Latest News On CDC

Latest Kaiser Health News Stories

Listen: Health Officials Warn People To Stop Vaping

KHN Original

California Healthline reporter Ana Ibarra appeared Monday on WNYC to discuss the recent outbreak of mysterious lung diseases related to vaping, including 60 possible cases in California.

Hepatitis A Races Across The Country

KHN Original

In the wake of the opioid crisis, the highly communicable hepatitis A virus is spreading in more than half the states and making its way into the general public. Underfunded health officials are valiantly trying to fight it with vaccines.

KHN’s ‘What The Health?’: Gun Violence And The Politics Of Public Health

KHN Original

The recent tragic mass shootings have refocused efforts to treat gun violence as a public health issue rather than strictly a law enforcement problem. Margot Sanger-Katz of The New York Times, Alice Miranda Ollstein of Politico and Mary Agnes Carey of Kaiser Health News join KHN’s Julie Rovner to discuss this, plus the health implications of the budget deal passed by Congress and signed by President Donald Trump, as well as reaction from Canada to a proposal to allow broader imports of its prescription drugs. Plus, for “extra credit,” the panelists recommend their favorite health stories of the week.

Opioid Prescriptions Drop Sharply Among State Workers

KHN Original

New data from the California agency that manages health benefits for 1.5 million public employees, retirees and their families shows that doctors are writing far fewer opioid prescriptions, reflecting a national trend of physicians cutting back on the addictive drugs.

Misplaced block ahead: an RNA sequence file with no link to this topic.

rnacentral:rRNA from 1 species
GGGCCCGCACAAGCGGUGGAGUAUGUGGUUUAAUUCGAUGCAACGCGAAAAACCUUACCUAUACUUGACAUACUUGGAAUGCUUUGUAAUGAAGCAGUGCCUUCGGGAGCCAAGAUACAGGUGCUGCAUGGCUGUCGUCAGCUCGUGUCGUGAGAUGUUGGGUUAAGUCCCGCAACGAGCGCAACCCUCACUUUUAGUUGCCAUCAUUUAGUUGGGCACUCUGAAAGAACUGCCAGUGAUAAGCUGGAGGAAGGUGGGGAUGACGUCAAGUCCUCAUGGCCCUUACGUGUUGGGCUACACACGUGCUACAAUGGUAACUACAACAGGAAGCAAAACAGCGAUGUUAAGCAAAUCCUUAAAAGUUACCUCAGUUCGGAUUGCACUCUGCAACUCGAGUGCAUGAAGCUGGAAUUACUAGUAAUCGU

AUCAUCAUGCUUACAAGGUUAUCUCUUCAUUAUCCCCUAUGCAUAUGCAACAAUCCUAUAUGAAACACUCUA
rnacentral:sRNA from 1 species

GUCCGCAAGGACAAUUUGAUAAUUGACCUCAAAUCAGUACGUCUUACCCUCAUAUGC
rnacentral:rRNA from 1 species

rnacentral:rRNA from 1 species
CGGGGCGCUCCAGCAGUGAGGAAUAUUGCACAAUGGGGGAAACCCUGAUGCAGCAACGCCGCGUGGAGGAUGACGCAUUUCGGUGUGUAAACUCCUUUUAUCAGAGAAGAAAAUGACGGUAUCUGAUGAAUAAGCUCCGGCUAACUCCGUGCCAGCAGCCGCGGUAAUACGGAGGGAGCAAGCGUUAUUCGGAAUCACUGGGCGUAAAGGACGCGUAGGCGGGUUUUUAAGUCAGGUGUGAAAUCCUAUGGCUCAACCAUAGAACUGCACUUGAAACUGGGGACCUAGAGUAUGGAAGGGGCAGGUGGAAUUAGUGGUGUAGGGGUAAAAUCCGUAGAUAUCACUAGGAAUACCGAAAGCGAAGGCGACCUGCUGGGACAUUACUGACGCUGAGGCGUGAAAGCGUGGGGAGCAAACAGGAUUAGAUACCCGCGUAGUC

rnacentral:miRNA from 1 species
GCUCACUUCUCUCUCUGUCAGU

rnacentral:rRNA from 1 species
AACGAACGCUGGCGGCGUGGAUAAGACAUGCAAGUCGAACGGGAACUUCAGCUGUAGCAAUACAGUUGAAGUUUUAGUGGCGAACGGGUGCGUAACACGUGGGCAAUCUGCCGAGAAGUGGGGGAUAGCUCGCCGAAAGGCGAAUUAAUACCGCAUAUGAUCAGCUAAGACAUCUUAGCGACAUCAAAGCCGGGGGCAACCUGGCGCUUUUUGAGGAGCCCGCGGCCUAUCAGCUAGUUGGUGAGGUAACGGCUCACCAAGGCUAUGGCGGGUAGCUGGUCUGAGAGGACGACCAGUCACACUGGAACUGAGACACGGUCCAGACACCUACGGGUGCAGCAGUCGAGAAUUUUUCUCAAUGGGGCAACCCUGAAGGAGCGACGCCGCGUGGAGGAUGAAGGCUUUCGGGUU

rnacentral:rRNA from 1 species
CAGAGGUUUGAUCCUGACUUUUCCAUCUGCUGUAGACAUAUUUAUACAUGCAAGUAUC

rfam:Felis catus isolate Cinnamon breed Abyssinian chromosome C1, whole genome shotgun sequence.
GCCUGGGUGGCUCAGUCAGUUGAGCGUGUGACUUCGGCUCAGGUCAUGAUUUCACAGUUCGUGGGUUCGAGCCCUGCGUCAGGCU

Why Missouri’s The Last Holdout On A Statewide Rx Monitoring Program

KHN Original

For the seventh year in a row, Missouri will retain its lonely title as the only state without a statewide prescription drug monitoring program. Fears about privacy violations and gun control scuttled the bill yet again, leaving a pastiche of half-step measures in place to fill the void in the fight against prescription drug abuse.

With Head Injuries Mounting, Will Cities Put Their Feet Down On E-Scooters?

KHN Original

As dockless electric scooters run roughshod through cities nationwide, the Centers for Disease Control and Prevention issues its first assessment on injuries and safety. It studied the injuries linked to riding e-scooters in Austin, Texas, from September through November. More than 200 people were hurt in scooter crashes and mishaps — with nearly half suffering head injuries.